IT’S NEVER “JUST” A DEPOSITION
By: Thomas M. Harvick
At one time or another, every physician is served a subpoena for deposition requesting their testimony as a treating physician of the plaintiff. The subpoena looks harmless enough, especially when the physician being served is not a named Defendant in the lawsuit. Generally, the case will involve a fall-down or auto accident and the plaintiff’s lawyer is seeking the physician’s testimony about the plaintiff’s injuries. For a physician, this might seem like a piece of cake, but hidden dangers might lurk when offering testimony discussing care administered to a patient.
When a subpoena crosses a physician’s desk, the physician may consider retaining a lawyer. Often, lawsuits allege complex and convoluted situations, and depositions are official court proceedings with numerous consequences. An attorney in the physician’s corner can assist in locating and reviewing all of the relevant medical records and the plaintiff’s Complaint, as well as preparing the physician for the likely areas of questioning.
It’s important for physicians not to underestimate the ramifications of their testimony. Without an attorney, a physician might answer questions that unwittingly put themselves in danger of being added as a Defendant. Those “innocent” questions can be framed to put the physician’s treatment at issue giving rise to the new “Amended” Complaint adding them as a Defendant. Frequently during depositions, physicians will unintentionally criticize prior doctors and their treatment, usually without knowing all facts and circumstances facing the other physician when they treated the plaintiff. If the case involves malpractice allegations against a doctor, those “helpful” off-hand remarks could unfairly hinder the defense of that physician. If called to testify at trial, the deposition testimony could put the physician in a very embarrassing and uncomfortable position.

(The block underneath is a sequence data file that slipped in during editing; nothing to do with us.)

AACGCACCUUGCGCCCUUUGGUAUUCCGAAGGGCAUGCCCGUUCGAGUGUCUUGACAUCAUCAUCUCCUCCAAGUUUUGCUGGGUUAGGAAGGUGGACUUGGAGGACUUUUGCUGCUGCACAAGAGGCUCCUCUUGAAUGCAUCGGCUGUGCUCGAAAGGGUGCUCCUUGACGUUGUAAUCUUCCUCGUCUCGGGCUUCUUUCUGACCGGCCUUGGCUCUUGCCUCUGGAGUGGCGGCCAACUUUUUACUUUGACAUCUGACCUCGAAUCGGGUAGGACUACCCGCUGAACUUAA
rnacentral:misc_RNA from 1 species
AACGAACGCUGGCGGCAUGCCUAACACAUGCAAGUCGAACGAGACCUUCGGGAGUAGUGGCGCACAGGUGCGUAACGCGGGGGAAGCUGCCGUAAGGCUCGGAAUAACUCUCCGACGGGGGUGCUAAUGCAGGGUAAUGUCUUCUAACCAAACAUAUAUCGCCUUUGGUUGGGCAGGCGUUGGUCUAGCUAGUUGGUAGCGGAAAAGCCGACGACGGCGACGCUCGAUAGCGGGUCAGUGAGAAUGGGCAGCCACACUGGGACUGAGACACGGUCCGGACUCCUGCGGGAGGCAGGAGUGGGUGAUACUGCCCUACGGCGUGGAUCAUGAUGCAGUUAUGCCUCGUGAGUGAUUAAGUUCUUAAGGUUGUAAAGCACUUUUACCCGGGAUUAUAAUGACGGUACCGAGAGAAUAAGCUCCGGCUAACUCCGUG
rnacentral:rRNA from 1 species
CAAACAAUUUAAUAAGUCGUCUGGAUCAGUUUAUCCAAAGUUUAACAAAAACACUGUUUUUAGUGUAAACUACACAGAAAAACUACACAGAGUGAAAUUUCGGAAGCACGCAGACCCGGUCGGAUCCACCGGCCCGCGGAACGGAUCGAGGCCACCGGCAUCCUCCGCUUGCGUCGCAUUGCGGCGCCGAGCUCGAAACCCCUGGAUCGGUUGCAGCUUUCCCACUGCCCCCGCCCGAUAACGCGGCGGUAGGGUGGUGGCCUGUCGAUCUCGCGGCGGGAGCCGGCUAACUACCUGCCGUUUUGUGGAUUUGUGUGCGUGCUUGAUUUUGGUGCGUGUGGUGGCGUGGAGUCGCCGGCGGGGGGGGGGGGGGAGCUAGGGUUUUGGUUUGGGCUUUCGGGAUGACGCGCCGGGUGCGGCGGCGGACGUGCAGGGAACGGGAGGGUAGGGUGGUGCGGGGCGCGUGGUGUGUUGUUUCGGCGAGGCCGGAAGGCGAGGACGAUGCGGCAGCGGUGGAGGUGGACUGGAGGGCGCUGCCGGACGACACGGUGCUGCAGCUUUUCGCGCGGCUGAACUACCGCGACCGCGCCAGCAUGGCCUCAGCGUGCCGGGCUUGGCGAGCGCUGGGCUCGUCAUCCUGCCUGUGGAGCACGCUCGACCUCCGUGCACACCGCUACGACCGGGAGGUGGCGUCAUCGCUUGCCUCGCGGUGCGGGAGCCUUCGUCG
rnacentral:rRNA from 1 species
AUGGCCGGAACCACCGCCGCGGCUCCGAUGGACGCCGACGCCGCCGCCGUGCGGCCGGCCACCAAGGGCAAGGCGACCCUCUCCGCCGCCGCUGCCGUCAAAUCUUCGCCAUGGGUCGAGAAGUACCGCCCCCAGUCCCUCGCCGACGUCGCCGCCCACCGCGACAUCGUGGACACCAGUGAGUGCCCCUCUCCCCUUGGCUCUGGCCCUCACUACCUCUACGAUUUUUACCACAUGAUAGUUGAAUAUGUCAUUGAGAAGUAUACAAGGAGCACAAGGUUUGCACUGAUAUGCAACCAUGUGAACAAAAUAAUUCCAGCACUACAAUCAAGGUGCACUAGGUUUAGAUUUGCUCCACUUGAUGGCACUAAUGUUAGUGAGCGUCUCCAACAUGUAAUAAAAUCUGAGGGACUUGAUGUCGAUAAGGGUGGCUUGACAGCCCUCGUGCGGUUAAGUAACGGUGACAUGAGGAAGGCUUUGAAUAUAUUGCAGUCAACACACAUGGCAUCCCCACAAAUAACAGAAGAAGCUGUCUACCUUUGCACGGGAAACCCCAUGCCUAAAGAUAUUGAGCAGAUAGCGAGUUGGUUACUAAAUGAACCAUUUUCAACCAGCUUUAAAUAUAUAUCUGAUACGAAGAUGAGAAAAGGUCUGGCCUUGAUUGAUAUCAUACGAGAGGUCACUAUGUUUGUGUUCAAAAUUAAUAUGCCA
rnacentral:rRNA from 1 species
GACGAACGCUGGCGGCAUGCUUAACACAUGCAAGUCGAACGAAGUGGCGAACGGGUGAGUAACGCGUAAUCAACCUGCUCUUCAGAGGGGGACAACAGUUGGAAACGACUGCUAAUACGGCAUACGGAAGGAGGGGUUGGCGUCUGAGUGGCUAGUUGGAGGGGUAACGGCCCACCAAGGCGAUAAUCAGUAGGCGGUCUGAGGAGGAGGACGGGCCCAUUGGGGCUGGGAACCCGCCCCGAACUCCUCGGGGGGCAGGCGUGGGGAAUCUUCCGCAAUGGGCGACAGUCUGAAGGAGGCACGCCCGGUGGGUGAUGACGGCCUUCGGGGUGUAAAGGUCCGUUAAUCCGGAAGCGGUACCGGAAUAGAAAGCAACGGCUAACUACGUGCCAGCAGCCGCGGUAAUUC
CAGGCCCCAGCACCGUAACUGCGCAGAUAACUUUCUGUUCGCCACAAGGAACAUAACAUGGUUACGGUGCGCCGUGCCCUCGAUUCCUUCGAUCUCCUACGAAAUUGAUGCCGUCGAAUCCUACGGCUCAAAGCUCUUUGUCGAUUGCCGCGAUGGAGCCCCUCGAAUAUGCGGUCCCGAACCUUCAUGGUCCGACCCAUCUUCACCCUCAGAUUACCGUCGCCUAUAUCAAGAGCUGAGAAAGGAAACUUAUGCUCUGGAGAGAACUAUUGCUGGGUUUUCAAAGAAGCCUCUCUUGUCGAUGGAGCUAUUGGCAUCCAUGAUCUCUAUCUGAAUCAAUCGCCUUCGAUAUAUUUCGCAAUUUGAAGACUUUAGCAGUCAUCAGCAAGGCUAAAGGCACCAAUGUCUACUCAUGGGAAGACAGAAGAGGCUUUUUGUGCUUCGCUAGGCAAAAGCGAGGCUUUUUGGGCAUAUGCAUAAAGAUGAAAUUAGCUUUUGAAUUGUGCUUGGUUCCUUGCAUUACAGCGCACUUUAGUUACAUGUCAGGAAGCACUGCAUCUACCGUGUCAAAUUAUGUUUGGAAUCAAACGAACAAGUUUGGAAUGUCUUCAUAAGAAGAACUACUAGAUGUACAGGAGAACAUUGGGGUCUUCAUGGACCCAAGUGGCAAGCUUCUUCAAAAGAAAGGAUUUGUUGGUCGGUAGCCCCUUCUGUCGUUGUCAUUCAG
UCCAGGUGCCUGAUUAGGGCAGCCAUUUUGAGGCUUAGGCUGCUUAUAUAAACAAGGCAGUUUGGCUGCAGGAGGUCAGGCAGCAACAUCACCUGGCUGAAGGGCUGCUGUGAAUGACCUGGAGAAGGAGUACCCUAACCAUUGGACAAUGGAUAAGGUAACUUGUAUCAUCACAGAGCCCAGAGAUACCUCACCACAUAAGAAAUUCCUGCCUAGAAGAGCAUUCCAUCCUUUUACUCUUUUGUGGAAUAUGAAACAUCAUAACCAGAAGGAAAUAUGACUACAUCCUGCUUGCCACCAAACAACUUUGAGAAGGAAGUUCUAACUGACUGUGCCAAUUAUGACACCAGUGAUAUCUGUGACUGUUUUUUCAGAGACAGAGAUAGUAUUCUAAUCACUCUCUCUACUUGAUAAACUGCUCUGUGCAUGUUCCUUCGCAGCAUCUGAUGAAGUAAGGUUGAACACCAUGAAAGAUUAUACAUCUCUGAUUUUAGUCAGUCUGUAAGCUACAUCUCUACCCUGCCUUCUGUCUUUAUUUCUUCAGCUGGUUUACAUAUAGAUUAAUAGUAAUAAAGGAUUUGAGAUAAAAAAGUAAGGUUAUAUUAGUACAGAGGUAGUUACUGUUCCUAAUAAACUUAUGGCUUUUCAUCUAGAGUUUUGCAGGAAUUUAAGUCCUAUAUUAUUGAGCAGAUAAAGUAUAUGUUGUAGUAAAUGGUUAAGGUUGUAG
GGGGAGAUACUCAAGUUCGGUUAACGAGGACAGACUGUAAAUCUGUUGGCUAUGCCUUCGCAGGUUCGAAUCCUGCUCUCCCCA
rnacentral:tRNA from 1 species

A deposition is not the physician’s “ballpark” where they’re comfortable or routinely in charge. Generally, physicians lack the experience or training to go it alone and run the risk of putting themselves or other physicians in jeopardy. More often than not, the attorney is experienced in asking all of the right questions at deposition to prove various issues in the case. That lawyer also is familiar with the medical issues involved by his own review or by the assistance received from physicians and other health professionals who work as medical-legal consultants.
Consulting with an experienced attorney prior to offering testimony will allow the treating physician to testify confidently in a deposition. Not only will the doctor be prepared on the medical issues, but he or she will also be protected from improper or unfair questions. Under Illinois court rules governing depositions, many questions do not have to be answered for numerous legitimate reasons. An attorney’s knowledge of evidentiary rules can help a physician navigate this seemingly innocent ordeal. Without representation, many unfair/improper questions may be asked and answered unnecessarily. By answering proper questions about care and treatment, the physician can support the patient while avoiding “standard of care” questions directed at the physician’s care. Staying neutral on such questions require both Plaintiffs and Defendants to retain their own “expert” witnesses to prove or defend those issues.
When required to give a deposition, it’s to everyone’s benefit if the physician is represented by an attorney. Many insurance companies or hospital risk management programs provide deposition representation to assist physicians through this legal process and to help protect and prevent the physician from commenting upon issues outside of his or her treatment. Utilizing these programs can avoid turning that auto or fall-down case into a malpractice case.